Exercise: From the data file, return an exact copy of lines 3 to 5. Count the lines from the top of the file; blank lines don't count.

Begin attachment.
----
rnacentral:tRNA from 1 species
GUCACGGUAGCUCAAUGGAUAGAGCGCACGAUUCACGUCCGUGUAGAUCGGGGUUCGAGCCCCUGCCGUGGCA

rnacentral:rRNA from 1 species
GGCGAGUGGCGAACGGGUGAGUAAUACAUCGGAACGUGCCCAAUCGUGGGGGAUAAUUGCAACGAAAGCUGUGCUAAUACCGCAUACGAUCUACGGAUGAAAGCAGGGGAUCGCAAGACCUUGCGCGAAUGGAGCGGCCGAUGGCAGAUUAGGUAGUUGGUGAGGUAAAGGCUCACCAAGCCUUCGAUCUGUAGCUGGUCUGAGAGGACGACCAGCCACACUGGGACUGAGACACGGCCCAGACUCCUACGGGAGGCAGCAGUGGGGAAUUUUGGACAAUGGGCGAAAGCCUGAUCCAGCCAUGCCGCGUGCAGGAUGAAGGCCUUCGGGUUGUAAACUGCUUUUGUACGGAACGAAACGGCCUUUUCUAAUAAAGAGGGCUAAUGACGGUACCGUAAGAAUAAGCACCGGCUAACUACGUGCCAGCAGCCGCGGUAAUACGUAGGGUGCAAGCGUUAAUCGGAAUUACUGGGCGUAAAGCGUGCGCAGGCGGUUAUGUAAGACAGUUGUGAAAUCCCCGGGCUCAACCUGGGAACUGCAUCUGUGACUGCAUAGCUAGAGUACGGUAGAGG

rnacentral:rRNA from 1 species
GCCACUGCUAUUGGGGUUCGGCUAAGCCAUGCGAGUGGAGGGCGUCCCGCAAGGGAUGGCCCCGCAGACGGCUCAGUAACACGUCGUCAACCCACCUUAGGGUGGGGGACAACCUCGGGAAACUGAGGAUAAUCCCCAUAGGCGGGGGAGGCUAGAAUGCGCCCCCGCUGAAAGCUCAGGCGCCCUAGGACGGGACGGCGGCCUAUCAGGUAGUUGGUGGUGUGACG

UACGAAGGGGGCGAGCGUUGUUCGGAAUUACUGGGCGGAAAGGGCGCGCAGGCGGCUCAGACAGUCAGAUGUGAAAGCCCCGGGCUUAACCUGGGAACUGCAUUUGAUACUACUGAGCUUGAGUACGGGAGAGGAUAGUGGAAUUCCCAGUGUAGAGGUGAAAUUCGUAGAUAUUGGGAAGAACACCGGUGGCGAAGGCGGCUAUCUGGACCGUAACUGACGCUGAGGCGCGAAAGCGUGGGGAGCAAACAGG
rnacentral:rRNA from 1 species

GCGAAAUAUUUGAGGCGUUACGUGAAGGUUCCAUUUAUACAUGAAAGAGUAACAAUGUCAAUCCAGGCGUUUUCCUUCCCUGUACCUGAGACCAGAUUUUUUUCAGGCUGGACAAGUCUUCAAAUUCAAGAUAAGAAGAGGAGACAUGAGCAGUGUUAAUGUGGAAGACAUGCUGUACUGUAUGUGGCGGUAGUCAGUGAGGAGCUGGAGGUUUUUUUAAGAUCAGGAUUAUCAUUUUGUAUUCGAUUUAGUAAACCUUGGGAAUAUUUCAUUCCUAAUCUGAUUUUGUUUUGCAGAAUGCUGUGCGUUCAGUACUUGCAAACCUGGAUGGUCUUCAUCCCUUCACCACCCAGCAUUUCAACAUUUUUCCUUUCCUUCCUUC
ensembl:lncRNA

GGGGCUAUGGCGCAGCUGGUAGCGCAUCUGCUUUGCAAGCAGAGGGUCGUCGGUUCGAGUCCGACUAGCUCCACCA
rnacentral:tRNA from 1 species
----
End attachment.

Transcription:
rnacentral:rRNA from 1 species
GGCGAGUGGCGAACGGGUGAGUAAUACAUCGGAACGUGCCCAAUCGUGGGGGAUAAUUGCAACGAAAGCUGUGCUAAUACCGCAUACGAUCUACGGAUGAAAGCAGGGGAUCGCAAGACCUUGCGCGAAUGGAGCGGCCGAUGGCAGAUUAGGUAGUUGGUGAGGUAAAGGCUCACCAAGCCUUCGAUCUGUAGCUGGUCUGAGAGGACGACCAGCCACACUGGGACUGAGACACGGCCCAGACUCCUACGGGAGGCAGCAGUGGGGAAUUUUGGACAAUGGGCGAAAGCCUGAUCCAGCCAUGCCGCGUGCAGGAUGAAGGCCUUCGGGUUGUAAACUGCUUUUGUACGGAACGAAACGGCCUUUUCUAAUAAAGAGGGCUAAUGACGGUACCGUAAGAAUAAGCACCGGCUAACUACGUGCCAGCAGCCGCGGUAAUACGUAGGGUGCAAGCGUUAAUCGGAAUUACUGGGCGUAAAGCGUGCGCAGGCGGUUAUGUAAGACAGUUGUGAAAUCCCCGGGCUCAACCUGGGAACUGCAUCUGUGACUGCAUAGCUAGAGUACGGUAGAGG

rnacentral:rRNA from 1 species